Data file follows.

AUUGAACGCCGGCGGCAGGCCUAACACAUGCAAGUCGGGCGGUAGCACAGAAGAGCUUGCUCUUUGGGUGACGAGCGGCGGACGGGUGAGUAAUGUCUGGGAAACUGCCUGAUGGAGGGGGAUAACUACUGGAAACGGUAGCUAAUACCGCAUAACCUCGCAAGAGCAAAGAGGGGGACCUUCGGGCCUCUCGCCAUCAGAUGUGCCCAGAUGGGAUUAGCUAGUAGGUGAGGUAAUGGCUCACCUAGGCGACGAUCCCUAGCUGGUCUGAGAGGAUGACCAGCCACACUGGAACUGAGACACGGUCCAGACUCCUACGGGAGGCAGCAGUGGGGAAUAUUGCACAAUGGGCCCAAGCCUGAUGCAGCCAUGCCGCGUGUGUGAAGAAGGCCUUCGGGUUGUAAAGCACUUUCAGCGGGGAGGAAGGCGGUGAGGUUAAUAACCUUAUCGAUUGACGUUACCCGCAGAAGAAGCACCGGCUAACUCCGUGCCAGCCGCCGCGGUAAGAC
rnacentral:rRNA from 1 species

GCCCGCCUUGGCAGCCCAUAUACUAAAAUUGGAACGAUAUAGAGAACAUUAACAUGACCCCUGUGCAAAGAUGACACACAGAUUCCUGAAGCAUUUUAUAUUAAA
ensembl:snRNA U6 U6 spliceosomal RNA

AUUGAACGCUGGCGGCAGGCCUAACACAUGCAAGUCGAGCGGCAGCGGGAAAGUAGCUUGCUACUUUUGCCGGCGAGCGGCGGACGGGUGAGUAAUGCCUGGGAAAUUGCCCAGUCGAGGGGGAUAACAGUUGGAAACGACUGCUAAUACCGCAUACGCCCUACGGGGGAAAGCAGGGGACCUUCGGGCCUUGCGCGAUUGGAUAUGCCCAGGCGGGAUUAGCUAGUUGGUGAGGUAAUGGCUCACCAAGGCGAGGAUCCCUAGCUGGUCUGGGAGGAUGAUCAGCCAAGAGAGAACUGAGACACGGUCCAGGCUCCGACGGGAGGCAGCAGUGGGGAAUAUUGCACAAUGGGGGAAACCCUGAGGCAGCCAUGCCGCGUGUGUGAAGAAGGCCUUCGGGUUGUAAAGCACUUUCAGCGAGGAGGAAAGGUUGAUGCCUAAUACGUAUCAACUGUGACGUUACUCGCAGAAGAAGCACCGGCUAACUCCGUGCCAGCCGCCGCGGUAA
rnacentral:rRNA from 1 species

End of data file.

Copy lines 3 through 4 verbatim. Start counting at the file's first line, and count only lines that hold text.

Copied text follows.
GCCCGCCUUGGCAGCCCAUAUACUAAAAUUGGAACGAUAUAGAGAACAUUAACAUGACCCCUGUGCAAAGAUGACACACAGAUUCCUGAAGCAUUUUAUAUUAAA
ensembl:snRNA U6 U6 spliceosomal RNA